By being consistent, your customers can become more familiar with your brand and therefore you can slowly establish recognition and trust.
Having a copycat brand
When developing a new business, it might be tempting to look at other companies for inspiration, including competitors and entrepreneurs you admire. But in doing so, you take a chance of looking and sounding just like them.
Differentiation is the key to a profitability and sustainability. When potential customers see brands as interchangeable, they make purchase decisions based primarily on price. That means lower profit margins for you and a more difficult time charging what your services are actually worth.
By determining what makes you different, you are able to stand out from your competition and charge premium prices.
Forgetting the message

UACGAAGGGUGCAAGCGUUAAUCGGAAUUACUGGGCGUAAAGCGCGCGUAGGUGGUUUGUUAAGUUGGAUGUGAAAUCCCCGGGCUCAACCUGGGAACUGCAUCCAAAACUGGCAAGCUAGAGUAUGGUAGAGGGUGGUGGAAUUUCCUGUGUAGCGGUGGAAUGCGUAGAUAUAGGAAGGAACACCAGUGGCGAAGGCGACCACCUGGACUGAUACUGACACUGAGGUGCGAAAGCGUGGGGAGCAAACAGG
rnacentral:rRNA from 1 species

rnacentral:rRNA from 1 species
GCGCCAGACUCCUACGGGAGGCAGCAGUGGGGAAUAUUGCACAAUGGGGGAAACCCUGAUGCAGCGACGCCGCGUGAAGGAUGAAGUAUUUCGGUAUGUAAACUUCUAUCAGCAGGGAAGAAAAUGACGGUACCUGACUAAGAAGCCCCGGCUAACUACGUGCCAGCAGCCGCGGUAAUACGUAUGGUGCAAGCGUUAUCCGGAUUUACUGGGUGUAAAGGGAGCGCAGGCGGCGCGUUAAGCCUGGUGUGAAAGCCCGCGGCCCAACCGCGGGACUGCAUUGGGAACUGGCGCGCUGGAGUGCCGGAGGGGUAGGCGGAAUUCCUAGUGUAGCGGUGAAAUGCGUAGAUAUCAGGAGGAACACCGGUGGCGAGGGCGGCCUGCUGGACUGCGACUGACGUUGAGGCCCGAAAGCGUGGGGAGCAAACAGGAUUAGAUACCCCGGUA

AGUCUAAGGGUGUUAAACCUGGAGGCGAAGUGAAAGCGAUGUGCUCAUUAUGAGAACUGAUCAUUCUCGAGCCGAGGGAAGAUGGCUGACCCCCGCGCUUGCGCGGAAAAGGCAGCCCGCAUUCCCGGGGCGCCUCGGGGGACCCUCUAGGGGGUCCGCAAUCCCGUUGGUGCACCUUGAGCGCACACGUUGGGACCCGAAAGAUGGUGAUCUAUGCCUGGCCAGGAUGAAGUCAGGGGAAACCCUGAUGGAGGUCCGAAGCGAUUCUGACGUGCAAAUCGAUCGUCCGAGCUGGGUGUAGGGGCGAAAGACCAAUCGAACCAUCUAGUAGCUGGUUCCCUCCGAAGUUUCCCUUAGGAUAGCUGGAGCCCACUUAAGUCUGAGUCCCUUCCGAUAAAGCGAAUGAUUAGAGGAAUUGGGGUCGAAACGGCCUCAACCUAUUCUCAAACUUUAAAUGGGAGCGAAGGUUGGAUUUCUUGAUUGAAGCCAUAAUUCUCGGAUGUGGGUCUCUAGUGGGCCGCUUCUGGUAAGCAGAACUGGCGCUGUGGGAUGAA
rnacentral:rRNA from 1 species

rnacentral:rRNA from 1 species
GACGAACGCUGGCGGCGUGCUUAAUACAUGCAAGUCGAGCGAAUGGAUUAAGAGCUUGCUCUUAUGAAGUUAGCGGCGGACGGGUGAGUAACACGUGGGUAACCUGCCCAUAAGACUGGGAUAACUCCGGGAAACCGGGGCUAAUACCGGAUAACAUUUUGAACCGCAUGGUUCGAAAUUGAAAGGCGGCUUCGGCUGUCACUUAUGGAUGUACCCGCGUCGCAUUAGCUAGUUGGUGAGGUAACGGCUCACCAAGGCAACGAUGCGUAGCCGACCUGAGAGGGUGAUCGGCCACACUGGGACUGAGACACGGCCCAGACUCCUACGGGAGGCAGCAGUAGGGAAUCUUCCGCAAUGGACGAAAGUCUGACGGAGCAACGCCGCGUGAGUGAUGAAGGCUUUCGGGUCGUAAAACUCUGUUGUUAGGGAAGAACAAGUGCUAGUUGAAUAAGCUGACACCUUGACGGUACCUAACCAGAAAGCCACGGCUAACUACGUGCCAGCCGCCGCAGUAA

It’s easy to think branding is all about the visual elements such as the business name, logo, tagline, and color palette. When it comes to your website, you might have the look down, but a lot of entrepreneurs make the mistake of either sounding like their competition, being all over the place with their message, or worst yet, they provide too much information.
However, without a strong, clear and concise brand message, you run the risk of your potential customers not being able to determine why they should choose you over your competition.
Not identifying a target audience
Many entrepreneurs start out thinking it’s better to cater to everyone. What a better way to get more business, right? Wrong! When you try to communicate to everyone, you end up with a message that resonates to no one.
Determining a target market helps you hone your message and tailor it to those you really want to work with. The goal is to make it easy for your potential clients to determine if you are the right fit. This saves you both a lot of time and trouble.
Not narrowing focus
Chances are, if you’re really good at something, you’re also probably pretty good at other things too. Most people know a lot of stuff and think it is a good idea to sprinkle all sorts of services into their offerings. I’m sure you’ve seen them. The ones that have a website full of a multitude of services.